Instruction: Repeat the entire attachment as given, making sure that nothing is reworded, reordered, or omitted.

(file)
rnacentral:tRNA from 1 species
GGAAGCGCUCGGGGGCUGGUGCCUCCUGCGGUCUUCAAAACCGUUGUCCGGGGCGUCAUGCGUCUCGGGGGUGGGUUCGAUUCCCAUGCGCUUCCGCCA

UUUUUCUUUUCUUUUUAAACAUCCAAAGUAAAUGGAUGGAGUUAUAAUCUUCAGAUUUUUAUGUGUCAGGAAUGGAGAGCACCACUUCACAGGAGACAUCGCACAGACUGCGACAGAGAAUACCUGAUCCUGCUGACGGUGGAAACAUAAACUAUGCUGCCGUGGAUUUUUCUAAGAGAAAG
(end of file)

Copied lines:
rnacentral:tRNA from 1 species
GGAAGCGCUCGGGGGCUGGUGCCUCCUGCGGUCUUCAAAACCGUUGUCCGGGGCGUCAUGCGUCUCGGGGGUGGGUUCGAUUCCCAUGCGCUUCCGCCA

UUUUUCUUUUCUUUUUAAACAUCCAAAGUAAAUGGAUGGAGUUAUAAUCUUCAGAUUUUUAUGUGUCAGGAAUGGAGAGCACCACUUCACAGGAGACAUCGCACAGACUGCGACAGAGAAUACCUGAUCCUGCUGACGGUGGAAACAUAAACUAUGCUGCCGUGGAUUUUUCUAAGAGAAAG